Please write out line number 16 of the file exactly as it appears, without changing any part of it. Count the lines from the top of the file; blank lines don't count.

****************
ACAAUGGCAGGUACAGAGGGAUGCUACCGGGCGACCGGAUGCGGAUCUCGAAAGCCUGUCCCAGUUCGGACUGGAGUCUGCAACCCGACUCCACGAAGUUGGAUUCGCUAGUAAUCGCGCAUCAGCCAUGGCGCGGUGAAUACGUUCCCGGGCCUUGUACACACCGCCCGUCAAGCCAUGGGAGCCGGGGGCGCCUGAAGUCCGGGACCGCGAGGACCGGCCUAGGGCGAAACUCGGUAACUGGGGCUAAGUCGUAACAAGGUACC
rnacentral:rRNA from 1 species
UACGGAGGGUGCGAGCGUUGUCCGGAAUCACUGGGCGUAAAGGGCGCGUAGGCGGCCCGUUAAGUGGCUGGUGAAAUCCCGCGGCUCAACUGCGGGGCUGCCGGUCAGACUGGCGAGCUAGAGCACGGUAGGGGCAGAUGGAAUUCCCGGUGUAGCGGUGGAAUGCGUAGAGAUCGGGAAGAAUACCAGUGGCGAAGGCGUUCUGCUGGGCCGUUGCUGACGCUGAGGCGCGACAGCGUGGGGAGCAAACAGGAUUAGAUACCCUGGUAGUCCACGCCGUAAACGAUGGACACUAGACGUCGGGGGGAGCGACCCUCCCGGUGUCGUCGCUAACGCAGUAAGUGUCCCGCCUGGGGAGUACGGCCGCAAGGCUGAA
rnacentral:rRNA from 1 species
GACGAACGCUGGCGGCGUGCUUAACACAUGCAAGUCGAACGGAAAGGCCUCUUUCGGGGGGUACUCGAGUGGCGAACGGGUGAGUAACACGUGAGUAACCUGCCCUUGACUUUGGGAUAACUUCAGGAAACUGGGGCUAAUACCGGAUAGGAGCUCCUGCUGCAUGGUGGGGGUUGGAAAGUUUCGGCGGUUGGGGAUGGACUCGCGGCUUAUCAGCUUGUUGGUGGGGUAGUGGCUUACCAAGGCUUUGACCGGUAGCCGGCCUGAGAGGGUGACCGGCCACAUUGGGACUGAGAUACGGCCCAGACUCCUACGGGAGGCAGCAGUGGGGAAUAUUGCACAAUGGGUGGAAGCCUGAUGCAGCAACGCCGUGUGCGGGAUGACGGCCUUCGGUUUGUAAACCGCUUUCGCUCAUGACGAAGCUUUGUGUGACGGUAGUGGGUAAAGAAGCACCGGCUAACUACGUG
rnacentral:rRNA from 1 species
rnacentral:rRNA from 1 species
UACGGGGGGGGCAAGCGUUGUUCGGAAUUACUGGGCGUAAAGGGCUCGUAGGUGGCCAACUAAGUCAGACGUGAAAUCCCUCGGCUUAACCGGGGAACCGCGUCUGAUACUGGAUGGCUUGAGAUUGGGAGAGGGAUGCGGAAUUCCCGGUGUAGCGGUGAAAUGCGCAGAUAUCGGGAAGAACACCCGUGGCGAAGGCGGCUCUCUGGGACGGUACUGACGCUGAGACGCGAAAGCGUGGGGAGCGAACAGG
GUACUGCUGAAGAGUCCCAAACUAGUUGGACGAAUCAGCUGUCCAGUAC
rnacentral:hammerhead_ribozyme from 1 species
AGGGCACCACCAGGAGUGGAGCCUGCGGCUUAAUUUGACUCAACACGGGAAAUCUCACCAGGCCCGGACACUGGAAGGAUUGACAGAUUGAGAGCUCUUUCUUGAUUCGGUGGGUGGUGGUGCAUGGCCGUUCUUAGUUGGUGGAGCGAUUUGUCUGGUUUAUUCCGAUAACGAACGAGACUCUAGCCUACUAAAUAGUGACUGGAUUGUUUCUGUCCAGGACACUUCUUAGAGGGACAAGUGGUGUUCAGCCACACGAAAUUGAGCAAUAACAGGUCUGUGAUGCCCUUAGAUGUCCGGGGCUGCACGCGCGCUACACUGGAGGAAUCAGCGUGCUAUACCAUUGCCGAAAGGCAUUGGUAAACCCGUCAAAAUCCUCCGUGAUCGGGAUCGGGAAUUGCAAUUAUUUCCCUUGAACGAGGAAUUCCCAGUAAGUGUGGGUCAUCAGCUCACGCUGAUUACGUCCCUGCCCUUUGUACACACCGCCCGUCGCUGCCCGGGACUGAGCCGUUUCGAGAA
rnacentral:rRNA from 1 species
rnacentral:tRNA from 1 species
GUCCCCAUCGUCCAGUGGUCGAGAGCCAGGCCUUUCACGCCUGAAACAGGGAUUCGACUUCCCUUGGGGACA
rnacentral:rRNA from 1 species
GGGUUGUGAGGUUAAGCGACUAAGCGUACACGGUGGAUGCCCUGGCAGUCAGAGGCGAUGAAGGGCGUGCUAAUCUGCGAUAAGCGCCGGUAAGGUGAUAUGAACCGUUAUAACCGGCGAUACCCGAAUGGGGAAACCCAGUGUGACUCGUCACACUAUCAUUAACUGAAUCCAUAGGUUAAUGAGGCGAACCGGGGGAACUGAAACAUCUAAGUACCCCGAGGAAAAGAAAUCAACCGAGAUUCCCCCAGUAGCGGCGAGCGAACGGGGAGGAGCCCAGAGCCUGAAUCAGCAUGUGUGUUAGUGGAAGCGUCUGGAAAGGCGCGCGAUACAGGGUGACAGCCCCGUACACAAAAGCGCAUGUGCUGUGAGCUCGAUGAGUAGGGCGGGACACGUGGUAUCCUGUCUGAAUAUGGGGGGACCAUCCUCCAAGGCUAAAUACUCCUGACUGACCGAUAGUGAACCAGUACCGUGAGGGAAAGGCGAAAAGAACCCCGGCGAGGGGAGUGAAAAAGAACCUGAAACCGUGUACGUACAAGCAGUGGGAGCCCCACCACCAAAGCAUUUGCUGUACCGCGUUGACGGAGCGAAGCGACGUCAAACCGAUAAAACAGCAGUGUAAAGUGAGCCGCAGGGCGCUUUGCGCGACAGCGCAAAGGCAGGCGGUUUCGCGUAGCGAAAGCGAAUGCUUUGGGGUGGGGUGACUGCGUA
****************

GGGUUGUGAGGUUAAGCGACUAAGCGUACACGGUGGAUGCCCUGGCAGUCAGAGGCGAUGAAGGGCGUGCUAAUCUGCGAUAAGCGCCGGUAAGGUGAUAUGAACCGUUAUAACCGGCGAUACCCGAAUGGGGAAACCCAGUGUGACUCGUCACACUAUCAUUAACUGAAUCCAUAGGUUAAUGAGGCGAACCGGGGGAACUGAAACAUCUAAGUACCCCGAGGAAAAGAAAUCAACCGAGAUUCCCCCAGUAGCGGCGAGCGAACGGGGAGGAGCCCAGAGCCUGAAUCAGCAUGUGUGUUAGUGGAAGCGUCUGGAAAGGCGCGCGAUACAGGGUGACAGCCCCGUACACAAAAGCGCAUGUGCUGUGAGCUCGAUGAGUAGGGCGGGACACGUGGUAUCCUGUCUGAAUAUGGGGGGACCAUCCUCCAAGGCUAAAUACUCCUGACUGACCGAUAGUGAACCAGUACCGUGAGGGAAAGGCGAAAAGAACCCCGGCGAGGGGAGUGAAAAAGAACCUGAAACCGUGUACGUACAAGCAGUGGGAGCCCCACCACCAAAGCAUUUGCUGUACCGCGUUGACGGAGCGAAGCGACGUCAAACCGAUAAAACAGCAGUGUAAAGUGAGCCGCAGGGCGCUUUGCGCGACAGCGCAAAGGCAGGCGGUUUCGCGUAGCGAAAGCGAAUGCUUUGGGGUGGGGUGACUGCGUA